It should come as no surprise to anyone that yesterday’s Republican presidential debate, coming as it did on the heels of the slaughters in Paris and San Bernardino, focused almost exclusively on dealing with the terrorist threat. It is difficult at this point to argue that either the Obama Administration’s military or intelligence strategies for dealing with global terrorism are working. Articulating a new strategy means threading the needles on such issues as the minimum U.S. ground presence in Iraq and Syria to beat ISIS, and how to balance privacy and security concerns with the need to improve intelligence collection.
Largely lost in the debate was the reality that this country faces even more serious threats to its security than that posed by Islamic terrorism. Even over the course of the five debates that have taken place so far, the threat from adversary nation states has grown. Russia has engaged in naked territorial aggression against its neighbors in Europe. It is massing forces and building new military facilities on its eastern, western and northern borders. It is modernizing its strategic nuclear forces and developing theater nuclear weapons in violation of international treaties. U.S. military leaders have testified that Russian advanced air defenses, including those being deployed in Syria, are creating exclusion zones that extend into NATO and allied territories. Russian leaders throw around the threat to use nuclear weapons like it was confetti.
China is changing the geo-political face of East Asia, creating large military facilities on what were pristine islands and coral shoals in order to dominate the South China Sea. Beijing is pursuing a comprehensive military modernization campaign intended to give it military superiority even beyond its region. A few weeks ago a Chinese attack submarine practiced a simulated cruise missile attack against the USS Ronald Reagan aircraft carrier.
Not only Russia and China, but even lesser regional powers such as Iran are investing heavily in advanced military capabilities intended to counter U.S. military capabilities and even provide a war-winning advantage. All three of these countries are expanding their arsenals of ballistic and cruise missiles, unmanned aerial drones, electronic warfare systems and cyber weapons. The U.S. Deputy Secretary of Defense, Robert Work, spoke recently about Russian and Chinese efforts to design and deploy entire units of autonomous systems, essentially war robots.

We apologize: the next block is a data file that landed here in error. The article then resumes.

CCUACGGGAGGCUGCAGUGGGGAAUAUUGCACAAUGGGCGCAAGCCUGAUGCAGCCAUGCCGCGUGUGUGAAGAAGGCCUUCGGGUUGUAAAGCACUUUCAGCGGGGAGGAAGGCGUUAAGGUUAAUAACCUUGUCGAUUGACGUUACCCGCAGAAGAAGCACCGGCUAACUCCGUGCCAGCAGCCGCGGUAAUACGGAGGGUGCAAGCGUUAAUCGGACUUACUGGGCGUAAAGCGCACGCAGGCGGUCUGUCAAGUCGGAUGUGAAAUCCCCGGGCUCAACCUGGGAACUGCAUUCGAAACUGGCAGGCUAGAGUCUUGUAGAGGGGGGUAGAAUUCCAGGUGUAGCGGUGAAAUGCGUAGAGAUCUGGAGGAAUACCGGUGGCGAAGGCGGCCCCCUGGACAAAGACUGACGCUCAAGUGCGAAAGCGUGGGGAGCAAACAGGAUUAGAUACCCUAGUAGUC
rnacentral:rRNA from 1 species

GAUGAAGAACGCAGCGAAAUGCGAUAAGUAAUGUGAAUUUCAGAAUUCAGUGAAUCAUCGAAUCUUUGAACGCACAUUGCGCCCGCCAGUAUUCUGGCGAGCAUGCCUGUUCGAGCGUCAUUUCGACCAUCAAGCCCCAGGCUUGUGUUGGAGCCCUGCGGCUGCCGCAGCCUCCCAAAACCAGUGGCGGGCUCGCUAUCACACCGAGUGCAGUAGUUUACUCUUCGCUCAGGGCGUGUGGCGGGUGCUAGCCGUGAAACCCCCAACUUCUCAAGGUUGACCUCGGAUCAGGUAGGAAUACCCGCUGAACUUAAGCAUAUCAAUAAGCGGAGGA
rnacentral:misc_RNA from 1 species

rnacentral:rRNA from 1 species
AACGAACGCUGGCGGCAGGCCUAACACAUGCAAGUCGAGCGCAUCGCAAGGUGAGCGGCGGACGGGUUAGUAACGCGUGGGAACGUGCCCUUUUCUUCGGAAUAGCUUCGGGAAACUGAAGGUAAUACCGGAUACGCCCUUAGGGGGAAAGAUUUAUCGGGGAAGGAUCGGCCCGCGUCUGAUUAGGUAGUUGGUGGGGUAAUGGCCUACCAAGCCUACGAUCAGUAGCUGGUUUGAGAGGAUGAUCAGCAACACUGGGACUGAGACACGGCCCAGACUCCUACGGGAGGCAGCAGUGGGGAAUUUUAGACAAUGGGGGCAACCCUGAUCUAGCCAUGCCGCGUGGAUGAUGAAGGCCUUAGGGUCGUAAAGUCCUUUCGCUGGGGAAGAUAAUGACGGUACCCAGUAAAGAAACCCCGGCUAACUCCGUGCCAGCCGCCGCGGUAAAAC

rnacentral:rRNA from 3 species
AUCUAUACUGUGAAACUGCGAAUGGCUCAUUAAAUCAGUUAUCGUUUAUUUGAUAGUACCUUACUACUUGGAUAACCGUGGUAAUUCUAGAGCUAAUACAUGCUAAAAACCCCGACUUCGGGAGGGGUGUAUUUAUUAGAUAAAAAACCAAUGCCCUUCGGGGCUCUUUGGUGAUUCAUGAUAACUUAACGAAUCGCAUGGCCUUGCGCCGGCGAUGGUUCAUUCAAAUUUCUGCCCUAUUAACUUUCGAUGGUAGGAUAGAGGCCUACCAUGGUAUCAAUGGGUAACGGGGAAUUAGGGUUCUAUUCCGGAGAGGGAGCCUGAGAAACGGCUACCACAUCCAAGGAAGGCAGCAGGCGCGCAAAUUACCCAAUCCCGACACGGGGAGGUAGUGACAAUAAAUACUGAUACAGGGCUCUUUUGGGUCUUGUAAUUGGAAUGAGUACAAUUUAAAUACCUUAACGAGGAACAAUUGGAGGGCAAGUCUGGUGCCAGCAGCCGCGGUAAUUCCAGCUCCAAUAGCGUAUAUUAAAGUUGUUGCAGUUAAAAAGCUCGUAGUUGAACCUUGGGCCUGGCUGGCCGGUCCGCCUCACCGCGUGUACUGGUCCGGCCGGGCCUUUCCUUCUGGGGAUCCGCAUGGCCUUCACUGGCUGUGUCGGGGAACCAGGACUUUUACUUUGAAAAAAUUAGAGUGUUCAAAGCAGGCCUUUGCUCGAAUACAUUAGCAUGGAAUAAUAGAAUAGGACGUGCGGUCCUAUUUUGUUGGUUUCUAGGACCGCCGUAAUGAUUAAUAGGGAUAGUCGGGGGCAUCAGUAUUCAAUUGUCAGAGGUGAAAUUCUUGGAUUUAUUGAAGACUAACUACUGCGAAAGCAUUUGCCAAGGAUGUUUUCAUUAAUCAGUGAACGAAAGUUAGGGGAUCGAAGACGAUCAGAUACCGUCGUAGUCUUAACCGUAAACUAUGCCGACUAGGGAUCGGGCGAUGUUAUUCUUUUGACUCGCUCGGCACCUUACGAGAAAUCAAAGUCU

The United States is at risk of falling behind its major strategic threats, Russia and China. Even today, the Pentagon lacks the resources to effectively deter conventional conflict in both Europe and East Asia simultaneously. The conflict with ISIS is sucking critical resources, not just Special Forces but ISR systems, targeteers and advanced precision weapons, away from other places. We cannot even adequately surveil Russian operations along NATO’s eastern borders. Without major investments in new capabilities, U.S. forces will not be able to penetrate hostile air defenses, defend themselves and our allies against waves of ballistic and cruise missiles, protect military networks from cyber attack and defeat hostile ground forces.
One of the few times the subject of broader U.S. national security challenges came up was the question to Donald Trump on the nuclear TRIAD. As my colleague Loren Thompson has written in Forbes, the Pentagon is in the midst of a significant modernization effort for the TRIAD and our few remaining theater nuclear weapons. The Navy is beginning the vital program to design and build a new class of strategic ballistic missile-carrying submarines to replace the aging Ohio-class SSBNs. The Air Force just awarded Northrop Grumman a contract to build up to 100 long-range bombers expected to be dual capable of conventional and nuclear operations. Work is underway to refurbish our central theater nuclear weapon, the B-61 gravity bomb.
The Pentagon’s efforts to modernize its forces and respond to growing threats from Russia, China, Iran and others, is in danger of coming apart due to inadequate funding. A recent Congressional Research Service report warns that inadequate defense funding could put the Air Force’s top modernization programs, the F-35 fighter, KC-46 tanker and long-range bomber at risk. Budget difficulties also threaten the Navy’s long-term shipbuilding program. Critical programs to recapture the U.S. lead in space defense, electronic warfare and cyber operations are also at risk. There needs to be major increases in resources devoted to long-range weapons systems and what the Navy calls distributed lethality.
Senator Rand Paul calls the national debt the greatest threat to U.S. security. He is wrong. The greatest threat is from political leaders who fail to realize that this country and the international system as a whole are threatened by nations that want to dominate entire continents and redesign the international order to their advantage. The failure to invest today in capabilities that deter these prospective adversaries will lead to future conflicts with incalculable costs in treasure and American blood.
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